One of the second great grandmothers on my father's side is Orpha Ann. She lost her first husband, and my ancestor, in the Civil War. She was born in 1844 in Tennessee.


 Nancy Ann was born in 1846 in Illinois. She is a second great grandmother on my mother's side. Grandma said she didn't remember that window pane ever being replaced; that pillow was always stuffed in that hole.


Mary was born in 1841 in Arkansas. She was going to get married but her fiance, Sam, 
joined the Confederate Army. He returned and they were married in 1866 and became my 
paternal second great grandparents.


Mary and Sam had a number of children, one of them was Thomas. 
He married Nancie Jane and they became by great grandparents. They made the move 
from Arkansas to Kansas. 



Of all those greats, and second greats I only remember Nellie. She passed away when I was 9. She moved from Illinois to Kansas in a wagon train when she was about 6 or 7. 


My Mom, Viola, at her eighth grade graduation. Her strength carries down to my daughter.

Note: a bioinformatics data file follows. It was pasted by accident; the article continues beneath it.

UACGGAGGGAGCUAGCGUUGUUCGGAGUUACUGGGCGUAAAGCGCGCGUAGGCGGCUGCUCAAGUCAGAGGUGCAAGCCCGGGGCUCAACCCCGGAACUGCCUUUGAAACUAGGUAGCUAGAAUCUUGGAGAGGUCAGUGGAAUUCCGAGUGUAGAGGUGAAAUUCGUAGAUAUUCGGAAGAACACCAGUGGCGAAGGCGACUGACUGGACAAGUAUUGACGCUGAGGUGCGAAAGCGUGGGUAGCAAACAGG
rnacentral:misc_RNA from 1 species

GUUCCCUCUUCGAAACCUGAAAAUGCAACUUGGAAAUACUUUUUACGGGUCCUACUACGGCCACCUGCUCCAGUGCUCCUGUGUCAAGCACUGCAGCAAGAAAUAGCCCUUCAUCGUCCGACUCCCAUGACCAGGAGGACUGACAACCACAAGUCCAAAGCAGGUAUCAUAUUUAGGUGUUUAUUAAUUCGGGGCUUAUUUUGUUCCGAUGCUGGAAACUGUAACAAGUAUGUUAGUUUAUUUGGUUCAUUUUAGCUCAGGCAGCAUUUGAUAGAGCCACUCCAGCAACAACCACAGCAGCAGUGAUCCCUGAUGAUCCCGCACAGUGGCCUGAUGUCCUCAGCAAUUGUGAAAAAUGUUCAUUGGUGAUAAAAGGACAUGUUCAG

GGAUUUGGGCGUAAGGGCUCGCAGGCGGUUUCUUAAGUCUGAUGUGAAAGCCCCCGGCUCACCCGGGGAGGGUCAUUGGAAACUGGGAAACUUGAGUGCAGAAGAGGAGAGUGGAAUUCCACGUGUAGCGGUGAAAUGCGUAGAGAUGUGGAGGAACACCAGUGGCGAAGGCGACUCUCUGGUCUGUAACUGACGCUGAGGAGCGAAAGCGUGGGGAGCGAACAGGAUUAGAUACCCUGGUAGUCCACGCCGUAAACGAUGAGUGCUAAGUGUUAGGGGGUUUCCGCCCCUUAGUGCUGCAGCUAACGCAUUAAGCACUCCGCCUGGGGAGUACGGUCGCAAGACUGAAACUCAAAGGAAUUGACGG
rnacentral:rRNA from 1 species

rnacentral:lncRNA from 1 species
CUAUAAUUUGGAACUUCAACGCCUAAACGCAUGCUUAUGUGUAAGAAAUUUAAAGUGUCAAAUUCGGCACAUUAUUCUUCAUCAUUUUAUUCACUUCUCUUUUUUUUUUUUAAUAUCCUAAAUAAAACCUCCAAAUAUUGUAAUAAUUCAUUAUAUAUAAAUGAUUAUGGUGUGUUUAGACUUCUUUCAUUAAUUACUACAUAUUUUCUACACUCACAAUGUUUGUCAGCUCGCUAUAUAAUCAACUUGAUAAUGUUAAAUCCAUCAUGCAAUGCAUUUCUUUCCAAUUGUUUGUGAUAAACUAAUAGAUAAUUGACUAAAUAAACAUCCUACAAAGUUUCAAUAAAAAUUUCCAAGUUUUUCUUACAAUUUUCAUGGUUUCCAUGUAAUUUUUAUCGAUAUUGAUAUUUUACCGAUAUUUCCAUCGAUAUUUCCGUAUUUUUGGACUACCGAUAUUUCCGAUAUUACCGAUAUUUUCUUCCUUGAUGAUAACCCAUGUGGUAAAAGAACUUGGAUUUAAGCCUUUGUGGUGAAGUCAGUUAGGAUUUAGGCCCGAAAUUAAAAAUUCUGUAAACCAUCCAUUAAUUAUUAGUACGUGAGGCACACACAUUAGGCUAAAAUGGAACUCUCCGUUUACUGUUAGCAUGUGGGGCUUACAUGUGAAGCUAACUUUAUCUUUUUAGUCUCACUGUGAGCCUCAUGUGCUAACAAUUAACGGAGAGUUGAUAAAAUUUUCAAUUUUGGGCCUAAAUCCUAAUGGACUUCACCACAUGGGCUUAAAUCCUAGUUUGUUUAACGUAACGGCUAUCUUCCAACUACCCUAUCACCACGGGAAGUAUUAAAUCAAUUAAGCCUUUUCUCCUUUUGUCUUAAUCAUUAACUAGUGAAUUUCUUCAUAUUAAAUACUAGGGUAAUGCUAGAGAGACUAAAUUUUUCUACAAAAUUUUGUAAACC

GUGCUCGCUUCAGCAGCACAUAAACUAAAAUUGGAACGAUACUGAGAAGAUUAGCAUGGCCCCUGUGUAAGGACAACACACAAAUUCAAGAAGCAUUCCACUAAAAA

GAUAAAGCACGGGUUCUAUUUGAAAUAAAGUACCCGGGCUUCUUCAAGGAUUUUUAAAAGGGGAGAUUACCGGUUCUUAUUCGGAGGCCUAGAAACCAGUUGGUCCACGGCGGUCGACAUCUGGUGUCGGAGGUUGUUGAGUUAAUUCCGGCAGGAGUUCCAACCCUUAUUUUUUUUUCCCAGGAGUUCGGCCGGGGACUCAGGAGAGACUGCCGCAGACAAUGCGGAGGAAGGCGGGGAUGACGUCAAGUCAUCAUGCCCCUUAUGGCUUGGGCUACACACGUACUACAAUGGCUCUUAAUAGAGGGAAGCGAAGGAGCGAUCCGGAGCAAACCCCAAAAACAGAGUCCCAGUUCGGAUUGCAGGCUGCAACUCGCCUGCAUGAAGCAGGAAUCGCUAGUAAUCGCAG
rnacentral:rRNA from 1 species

We all have eight second great grandmothers. I'm amazed in pulling this together to see that I have photos of four of them. I have photos of all of my great grandmothers. 


As I was adding up the numbers I realized I'd missed one great grandmother. On the right 
is Nellie again. On the left is another Nancy, born in West Virginia in 1866. Both are 
maternal great grandmothers.

I has taken many years of doing genealogy, writing letters, and researching books to 
find all these photos. It was worth every minute. 

So there you have them. The women who came before. 

Saturday, May 6, 2017

Vegetable Soup

Thinking about my mom. Missing her.

They say that grief eases with time. That is true. It also comes and goes. Even after 27 years I have the bad times when I just want to talk to my mom.

I started a story in my writing group a few weeks ago about her vegetable soup. I thought at the time it might evolve into an essay I could submit somewhere. It didn't.


The basis was that mom made the most amazing vegetable soup. She managed to have all kinds of different vegetables in there but I don't remember her buying all that stuff. It would have taken small quantities of such a wide variety of things: corn, green beans, okra, tomatoes, peas, carrots, celery, onion, and more. As I was writing I started wondering how she did that.


So I think, perhaps, she had a plastic container in the freezer and kept adding our leftovers to that until there was enough. Then she made a pot roast and whatever was left from that was the basis for the vegetable soup.